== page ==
There’s no shortage of diversity initiatives at Texas’s Baylor University, which holds the distinction of being the largest Christian university in the Lone Star state.
The College Fix reports that the Waco, Texas academic institution has 22 diversity programs now running — an accomplishment that only took Baylor one year to achieve. It all begins with Diversity 101: where faculty and staff are trained in in the thriving diversity culture. At the heart of the program is a stated desire to employ more non-white faculty and to inform the student body through workshops on such things as “cultural humility.”
The mushrooming of diversity at the university all started with the creation of an advisory council on diversity that reports directly to the university’s president. That spawned such things as a diversity webpage, the Faculty of Color Alliance, the Black Student Union, the Latinx Coalition and the Asian Coalition.
The woman responsible for this change is Elizabeth Palacios, the special assistant on diversity, who says the emphasis has its roots in the university’s Christian perspective.
“We have been intentional in our work with diversity and inclusion for some time now to enhance our ability to understand and support one another,” she told The College Fix.
Baylor told the education news service that Baylor had first been asked by the university’s NAACP chapter in 2014 that the university promote diversity in its student activities and campus events. This was followed a year later by “additional requests that reflected their needs and presented them to us in a way that built upon the collaboration that was already in place.”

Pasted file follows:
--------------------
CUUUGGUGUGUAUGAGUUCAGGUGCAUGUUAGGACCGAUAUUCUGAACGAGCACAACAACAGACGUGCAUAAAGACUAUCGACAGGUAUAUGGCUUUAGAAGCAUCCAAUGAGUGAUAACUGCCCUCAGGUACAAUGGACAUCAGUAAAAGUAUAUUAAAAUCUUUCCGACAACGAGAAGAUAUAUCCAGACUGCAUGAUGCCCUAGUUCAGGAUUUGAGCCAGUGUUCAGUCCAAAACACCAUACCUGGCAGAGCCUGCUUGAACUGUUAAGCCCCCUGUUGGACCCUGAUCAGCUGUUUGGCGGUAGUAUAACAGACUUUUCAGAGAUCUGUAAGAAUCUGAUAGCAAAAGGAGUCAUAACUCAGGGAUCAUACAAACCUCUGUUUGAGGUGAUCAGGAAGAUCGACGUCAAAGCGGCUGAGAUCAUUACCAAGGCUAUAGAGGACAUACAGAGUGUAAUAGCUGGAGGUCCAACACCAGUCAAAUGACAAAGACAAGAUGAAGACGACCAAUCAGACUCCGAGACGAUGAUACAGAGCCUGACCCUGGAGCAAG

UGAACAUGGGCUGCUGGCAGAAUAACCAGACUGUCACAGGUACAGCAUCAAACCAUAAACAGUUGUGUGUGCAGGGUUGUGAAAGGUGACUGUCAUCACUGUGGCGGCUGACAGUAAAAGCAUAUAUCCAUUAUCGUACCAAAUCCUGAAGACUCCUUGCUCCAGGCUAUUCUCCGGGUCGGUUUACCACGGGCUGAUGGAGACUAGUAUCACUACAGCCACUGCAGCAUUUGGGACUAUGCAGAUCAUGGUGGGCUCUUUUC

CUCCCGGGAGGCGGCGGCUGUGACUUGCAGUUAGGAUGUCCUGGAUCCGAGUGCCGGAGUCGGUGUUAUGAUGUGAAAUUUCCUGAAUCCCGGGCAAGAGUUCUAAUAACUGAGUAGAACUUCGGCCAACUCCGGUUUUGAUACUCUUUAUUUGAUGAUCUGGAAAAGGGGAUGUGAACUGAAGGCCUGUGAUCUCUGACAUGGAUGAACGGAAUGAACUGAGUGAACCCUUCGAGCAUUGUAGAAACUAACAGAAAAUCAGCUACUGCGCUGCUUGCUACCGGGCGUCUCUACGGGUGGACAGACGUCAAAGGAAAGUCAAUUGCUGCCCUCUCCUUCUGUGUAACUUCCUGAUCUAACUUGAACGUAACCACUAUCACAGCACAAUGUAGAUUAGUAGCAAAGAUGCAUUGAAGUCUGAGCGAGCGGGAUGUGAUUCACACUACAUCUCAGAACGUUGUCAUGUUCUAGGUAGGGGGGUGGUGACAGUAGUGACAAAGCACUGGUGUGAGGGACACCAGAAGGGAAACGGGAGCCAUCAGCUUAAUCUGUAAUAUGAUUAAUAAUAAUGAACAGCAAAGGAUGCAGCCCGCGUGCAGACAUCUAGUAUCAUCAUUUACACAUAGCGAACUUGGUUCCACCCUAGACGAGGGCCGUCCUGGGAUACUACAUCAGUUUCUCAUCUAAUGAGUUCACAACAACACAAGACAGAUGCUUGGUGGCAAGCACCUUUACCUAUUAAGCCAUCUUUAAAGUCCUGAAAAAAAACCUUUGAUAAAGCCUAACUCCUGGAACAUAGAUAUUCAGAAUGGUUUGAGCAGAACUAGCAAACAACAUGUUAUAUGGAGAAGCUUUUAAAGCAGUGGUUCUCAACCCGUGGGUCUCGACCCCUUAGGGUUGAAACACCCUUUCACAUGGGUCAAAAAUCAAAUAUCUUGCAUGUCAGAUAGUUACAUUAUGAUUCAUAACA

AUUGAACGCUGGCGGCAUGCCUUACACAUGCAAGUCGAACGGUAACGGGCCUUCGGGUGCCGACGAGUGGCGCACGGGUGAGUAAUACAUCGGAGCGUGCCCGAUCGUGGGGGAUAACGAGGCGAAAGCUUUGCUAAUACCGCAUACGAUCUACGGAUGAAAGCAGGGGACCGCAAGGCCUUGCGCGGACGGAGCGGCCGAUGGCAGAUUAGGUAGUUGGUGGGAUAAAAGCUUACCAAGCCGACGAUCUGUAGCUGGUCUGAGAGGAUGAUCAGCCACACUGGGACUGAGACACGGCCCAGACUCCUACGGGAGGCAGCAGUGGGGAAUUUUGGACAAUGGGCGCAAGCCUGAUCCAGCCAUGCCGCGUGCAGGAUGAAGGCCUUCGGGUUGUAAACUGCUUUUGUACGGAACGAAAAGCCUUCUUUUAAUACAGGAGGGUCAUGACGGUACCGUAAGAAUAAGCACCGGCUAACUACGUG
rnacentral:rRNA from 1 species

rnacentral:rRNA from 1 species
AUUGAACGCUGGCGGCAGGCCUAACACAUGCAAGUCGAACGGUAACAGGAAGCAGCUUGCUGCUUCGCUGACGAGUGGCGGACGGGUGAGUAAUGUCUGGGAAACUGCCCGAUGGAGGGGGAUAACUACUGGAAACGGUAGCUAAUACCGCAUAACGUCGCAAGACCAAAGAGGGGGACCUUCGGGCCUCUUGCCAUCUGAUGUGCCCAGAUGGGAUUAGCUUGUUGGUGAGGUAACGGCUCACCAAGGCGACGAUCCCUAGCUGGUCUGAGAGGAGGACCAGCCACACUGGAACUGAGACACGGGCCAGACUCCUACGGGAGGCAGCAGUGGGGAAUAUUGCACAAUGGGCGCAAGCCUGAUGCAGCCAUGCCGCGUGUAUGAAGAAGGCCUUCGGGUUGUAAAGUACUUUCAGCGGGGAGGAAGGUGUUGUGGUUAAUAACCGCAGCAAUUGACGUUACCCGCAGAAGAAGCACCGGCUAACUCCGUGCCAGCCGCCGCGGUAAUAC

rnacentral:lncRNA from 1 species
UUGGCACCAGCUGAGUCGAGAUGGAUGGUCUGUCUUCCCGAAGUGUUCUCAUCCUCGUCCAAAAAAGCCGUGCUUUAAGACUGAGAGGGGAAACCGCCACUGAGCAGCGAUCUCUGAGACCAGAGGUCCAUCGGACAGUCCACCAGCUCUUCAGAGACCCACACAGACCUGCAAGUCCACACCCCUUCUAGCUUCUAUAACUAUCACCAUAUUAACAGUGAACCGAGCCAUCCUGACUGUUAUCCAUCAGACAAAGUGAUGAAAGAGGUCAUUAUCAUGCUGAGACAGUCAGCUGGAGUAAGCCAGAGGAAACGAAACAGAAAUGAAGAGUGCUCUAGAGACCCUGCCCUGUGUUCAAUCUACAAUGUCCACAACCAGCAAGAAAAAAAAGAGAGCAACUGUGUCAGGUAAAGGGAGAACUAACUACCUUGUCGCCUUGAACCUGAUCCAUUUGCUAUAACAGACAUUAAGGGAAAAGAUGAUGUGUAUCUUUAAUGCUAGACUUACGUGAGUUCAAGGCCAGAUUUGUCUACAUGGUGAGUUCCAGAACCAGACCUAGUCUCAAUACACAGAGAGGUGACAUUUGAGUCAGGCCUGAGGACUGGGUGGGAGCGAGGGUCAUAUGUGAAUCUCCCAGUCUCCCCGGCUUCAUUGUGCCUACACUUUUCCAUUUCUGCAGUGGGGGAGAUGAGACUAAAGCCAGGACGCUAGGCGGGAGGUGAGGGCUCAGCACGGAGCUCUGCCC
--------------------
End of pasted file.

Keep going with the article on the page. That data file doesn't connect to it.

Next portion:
That was the beginning of an accelerated commitment to diversity that now affects virtually everything at the university, including who is allowed to speak at the facility and who is hired to teach.
Baylor’s diversity website went live last summer along with the release of a “diversity commitment video.” More programs came on stream by the autumn with the expansion of the multicultural affairs department, inviting more diverse speakers to the campus and a more vigilant “bias-reporting system.”
The “cultural humility training” came next for Baylor’s student life division. Palacios describes the objective of cultural humility as “recognizing and working to reconcile the power imbalances that exist among persons of various cultures by understanding that there is value in all of God’s people.”
The Diversity 101 training that is mandatory for all staff, and faculty is supposed to define what diversity is, instruct those working at the university to play by the diversity rules and find new ways to be “inclusive.”
“The programming will also set the foundation for interactions in the workplace—building on the premise that all employees are diverse, and asking the question on how we operate more inclusively,” Shirl Brown, the equal employment opportunity and inclusion manager, told The College Fix.
The university also intentionally seeks to hire more “facility of color” by actively seeking to increase the number of non-white candidates interviewed.